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Research guide Terrorism

Terrorism - Research Guide International Law

The adoption of the Convention for the Prevention and Punishment of Terrorism by the League of Nations in 1937 marked the entrance of terrorism in the field of international law. The present-day international legal framework for the prevention and combatting of terrorism started in the 1960’s with the adoption of the 1963 Convention on Offences and certain other Acts committed on Board Aircraft. This framework now consists of various treaties and protocols relating to specific categories of terrorist acts. However, a comprehensive multilateral convention on terrorism is still lacking.

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Library blog Treaty of Versailles Centennial: Wilson's Fourteen Points

Wilson’s Fourteen Points had helped win the hearts and minds of many as the war ended; these included Americans and Europeans generally, as well as Germany, its allies and the former subjects of the Ottoman Empire specifically. Wilson felt it was his duty and obligation to the people of the world to be a prominent figure at the peace negotiations. High hopes and expectations were placed on him to deliver what he had promised for the post-war era. In doing so, Wilson ultimately began to lead the foreign policy of the United States toward interventionism, a move strongly resisted in some domestic circles.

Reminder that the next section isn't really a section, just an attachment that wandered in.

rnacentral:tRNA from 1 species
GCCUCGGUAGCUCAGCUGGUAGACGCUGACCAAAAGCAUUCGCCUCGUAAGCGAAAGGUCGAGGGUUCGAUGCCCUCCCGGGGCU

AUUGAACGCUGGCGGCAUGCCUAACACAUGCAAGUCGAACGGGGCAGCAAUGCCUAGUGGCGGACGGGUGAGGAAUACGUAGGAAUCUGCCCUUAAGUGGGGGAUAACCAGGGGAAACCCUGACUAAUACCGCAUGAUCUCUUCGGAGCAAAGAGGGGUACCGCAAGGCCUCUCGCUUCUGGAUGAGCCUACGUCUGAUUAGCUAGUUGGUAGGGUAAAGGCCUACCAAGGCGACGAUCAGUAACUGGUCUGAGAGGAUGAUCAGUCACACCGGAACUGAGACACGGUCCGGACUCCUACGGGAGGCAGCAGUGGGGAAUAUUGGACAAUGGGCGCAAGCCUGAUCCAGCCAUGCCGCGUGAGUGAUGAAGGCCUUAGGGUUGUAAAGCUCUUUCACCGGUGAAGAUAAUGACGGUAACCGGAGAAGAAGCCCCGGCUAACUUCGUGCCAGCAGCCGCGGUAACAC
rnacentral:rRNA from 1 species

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News and events Forward Into Memory: Untold Stories of Peace through Law from Pyonyang to Versailles

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Brexit

brexit

The British newspaper The Guardian calls the referendum on June 23 the ‘biggest political decision of the century’. British voters should answer the question: ‘Should the United Kingdom remain a member of the European Union or leave the European Union?’ We have created a Library Special on this topic in order to provide you easy access to our collection: a selective bibliography, newsitems, books, articles and online resources.

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World War II

World War II, or the Second World War, was the global conflict lasting from 1939 to 1945, involving most of the world’s nations — including all of the great powers — eventually forming two opposing military alliances, the Allies and the Axis. It was the most widespread war in history, with more than 100 million military personnel mobilised. In a state of “total war,” the major participants placed their entire economic, industrial, and scientific capabilities at the service of the war effort. Marked by significant events involving the mass death of civilians, including the Holocaust and the only use of nuclear weapons in warfare, it was the deadliest conflict in human history, resulting in 50 million to over 70 million fatalities. We have created a Library special on World War II in order to provide you easy access to our collection.

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Peace Palace Library showcase

  • Boelens, R., T. Perreault and J. Vos (eds.), Water Justice, Cambridge, UK, Cambridge University Press, 2018.

  • 533 A 10

  • 531 C 11

  • 536 C 1

  • 529 G 16

  • 529 G 18

You can find the showcase in our Reading Room.